Businesses in Wuhan, China face new worries after COVID eases

WUHAN, China, Dec 12 (Reuters) – Infections are still delivering fresh shocks to many small businesses in the central Chinese city of Wuhan, despite the easing of the strictest restrictions last week.

Hopes for a brighter post-lockdown outlook are being dashed, at least for now, with the sick and those fearful of infection staying home, with little sign of the government stepping in to help.

“I just can’t go on,” Zhu Chongping, 60, said as he looked around his empty restaurant, which serves local cuisine in the city of 11 million that began the COVID-19 pandemic three years ago.

“I’m losing money every day, a thousand yuan a day.”

The challenge for small businessmen like Zhu underscores Beijing’s abandonment of tough COVID policies, promising to boost economic recovery next year, which could instead dampen growth in coming months as infections surge.

He added that most restaurants were closed or empty last Saturday, and that business in what was otherwise a bustling food street was the worst since Zhu first opened its doors to customers 30 years ago, and he looked desperate.

After unprecedented protests, the outlook after “zero COVID” relief is even bleaker than during the city’s 76-day lockdown in 2020, because his landlord has not offered rent discounts this year, he said.

Rent subsidies and consumer vouchers were among the measures introduced by local governments to support businesses at the time, but there has been little sign of that this year.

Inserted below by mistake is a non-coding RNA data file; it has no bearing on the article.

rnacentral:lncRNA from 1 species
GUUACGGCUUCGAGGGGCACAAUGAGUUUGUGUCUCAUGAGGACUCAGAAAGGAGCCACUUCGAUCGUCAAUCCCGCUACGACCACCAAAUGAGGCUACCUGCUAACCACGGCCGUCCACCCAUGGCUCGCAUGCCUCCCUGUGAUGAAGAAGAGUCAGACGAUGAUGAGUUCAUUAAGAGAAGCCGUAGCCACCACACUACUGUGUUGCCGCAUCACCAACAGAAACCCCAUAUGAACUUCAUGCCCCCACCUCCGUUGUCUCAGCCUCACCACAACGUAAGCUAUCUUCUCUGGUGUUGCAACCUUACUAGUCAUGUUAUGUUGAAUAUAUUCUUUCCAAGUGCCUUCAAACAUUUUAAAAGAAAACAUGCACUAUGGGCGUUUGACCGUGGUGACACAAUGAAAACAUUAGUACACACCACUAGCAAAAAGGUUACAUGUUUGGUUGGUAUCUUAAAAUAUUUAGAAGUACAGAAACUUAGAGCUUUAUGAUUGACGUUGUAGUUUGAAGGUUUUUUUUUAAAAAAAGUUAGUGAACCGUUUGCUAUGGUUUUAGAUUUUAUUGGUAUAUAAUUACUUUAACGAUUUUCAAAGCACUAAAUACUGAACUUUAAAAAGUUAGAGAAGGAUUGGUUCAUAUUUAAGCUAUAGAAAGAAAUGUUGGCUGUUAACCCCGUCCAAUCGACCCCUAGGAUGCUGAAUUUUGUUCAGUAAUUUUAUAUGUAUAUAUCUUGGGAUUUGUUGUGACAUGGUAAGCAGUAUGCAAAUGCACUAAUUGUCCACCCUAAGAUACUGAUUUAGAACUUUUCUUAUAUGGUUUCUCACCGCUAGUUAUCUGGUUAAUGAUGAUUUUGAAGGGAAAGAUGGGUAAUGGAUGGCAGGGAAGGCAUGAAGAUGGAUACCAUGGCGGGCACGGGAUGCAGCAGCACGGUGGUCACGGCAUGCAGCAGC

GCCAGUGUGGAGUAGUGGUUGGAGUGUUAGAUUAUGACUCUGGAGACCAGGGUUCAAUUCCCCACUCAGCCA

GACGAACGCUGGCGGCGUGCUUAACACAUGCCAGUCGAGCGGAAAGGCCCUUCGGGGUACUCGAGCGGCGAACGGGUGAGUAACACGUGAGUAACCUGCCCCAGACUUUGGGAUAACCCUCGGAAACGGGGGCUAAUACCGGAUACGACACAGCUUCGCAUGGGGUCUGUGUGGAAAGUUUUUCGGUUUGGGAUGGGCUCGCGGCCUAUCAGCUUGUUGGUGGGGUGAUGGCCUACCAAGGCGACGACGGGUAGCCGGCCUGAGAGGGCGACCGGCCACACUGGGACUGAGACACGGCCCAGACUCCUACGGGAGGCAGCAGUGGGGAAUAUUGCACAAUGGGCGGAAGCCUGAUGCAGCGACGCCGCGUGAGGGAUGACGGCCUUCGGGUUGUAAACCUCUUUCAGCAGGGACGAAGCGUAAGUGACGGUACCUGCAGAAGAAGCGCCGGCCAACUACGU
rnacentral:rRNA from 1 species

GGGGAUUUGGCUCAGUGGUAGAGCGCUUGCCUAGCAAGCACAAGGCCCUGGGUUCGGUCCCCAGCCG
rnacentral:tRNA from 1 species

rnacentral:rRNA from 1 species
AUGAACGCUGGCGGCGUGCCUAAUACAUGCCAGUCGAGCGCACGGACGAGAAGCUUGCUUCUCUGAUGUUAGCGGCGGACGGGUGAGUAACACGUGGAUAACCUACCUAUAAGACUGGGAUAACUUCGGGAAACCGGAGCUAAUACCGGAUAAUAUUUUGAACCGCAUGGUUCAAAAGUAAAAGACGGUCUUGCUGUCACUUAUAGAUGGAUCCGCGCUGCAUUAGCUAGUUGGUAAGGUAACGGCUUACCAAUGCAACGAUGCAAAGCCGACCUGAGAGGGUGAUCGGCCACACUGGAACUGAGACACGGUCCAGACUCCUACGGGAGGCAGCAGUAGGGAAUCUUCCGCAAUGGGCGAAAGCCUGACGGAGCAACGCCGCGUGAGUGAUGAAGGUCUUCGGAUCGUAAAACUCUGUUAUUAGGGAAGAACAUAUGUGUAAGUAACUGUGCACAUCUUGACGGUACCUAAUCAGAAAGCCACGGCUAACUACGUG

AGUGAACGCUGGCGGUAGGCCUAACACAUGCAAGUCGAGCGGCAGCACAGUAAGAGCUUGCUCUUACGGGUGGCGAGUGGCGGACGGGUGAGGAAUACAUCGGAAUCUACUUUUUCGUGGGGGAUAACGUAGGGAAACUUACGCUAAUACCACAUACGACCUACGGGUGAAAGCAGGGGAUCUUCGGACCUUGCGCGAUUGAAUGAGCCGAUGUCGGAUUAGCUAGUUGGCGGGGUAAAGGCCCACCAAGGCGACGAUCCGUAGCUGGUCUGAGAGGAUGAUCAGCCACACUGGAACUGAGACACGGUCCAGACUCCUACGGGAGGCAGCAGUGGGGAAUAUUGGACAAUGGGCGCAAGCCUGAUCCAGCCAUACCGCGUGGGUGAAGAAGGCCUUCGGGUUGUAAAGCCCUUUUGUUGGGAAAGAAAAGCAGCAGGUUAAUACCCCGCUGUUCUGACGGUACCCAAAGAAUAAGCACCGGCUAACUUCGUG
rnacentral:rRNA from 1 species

“This street is considered a top location in Wuhan,” Zhu added. “There’s nobody now. You can imagine other places where it’s worse.”

The only queue for a few hundred meters was outside a pharmacy, where people waited to stock up on medicines to treat symptoms of the coronavirus.

“My business is hard to sustain,” said the owner of a bag shop near Hanzheng Street, one of China’s largest wholesale clothing markets and site of massive anti-lockdown protests last month.

“We’ll have to see what happens next year…” the 48-year-old, surnamed Liang, added. “We’ll have to see what happens to foot traffic. If that’s still the case next year, suppliers will have to leave.”

Many other shopkeepers simply told Reuters they had zero or “no business.”

The scarcity of customers is having knock-on effects on other industries, further hurting growth as China grapples with an economic downturn this year.

“There are not many new stores and businesses, so we can’t continue our business and face layoffs,” said an advertising company boss who did not want to be named.

People just don’t have much money left, said a Wuhan taxi driver surnamed Sun, adding that the subsidies made the 2020 lockdown more manageable than this year’s measures.

“Because of all these lockdowns, I’ve had nothing for weeks,” he said. “Now, it’s a little bit better, but the money I make is only enough to pay off the company’s monthly taxi rent.”

Adding pressure to a slowing economy, surveys showed factory activity shrank in November amid widespread COVID-19 containment measures, while imports and exports fell at the fastest pace in at least 2-1/2 years.

Chen Zhiwu, a professor of finance at the University of Hong Kong, said he felt the authorities hoped that within three to four months infected people would have enough immunity to allow small and medium-sized enterprises to rebound.

“Of course, in the process, the country will undergo shock therapy,” he added.

“I hope they can take the hit.”

Edited by Brenda Goh and Clarence Fernandez

Our Standards: The Thomson Reuters Trust Principles.

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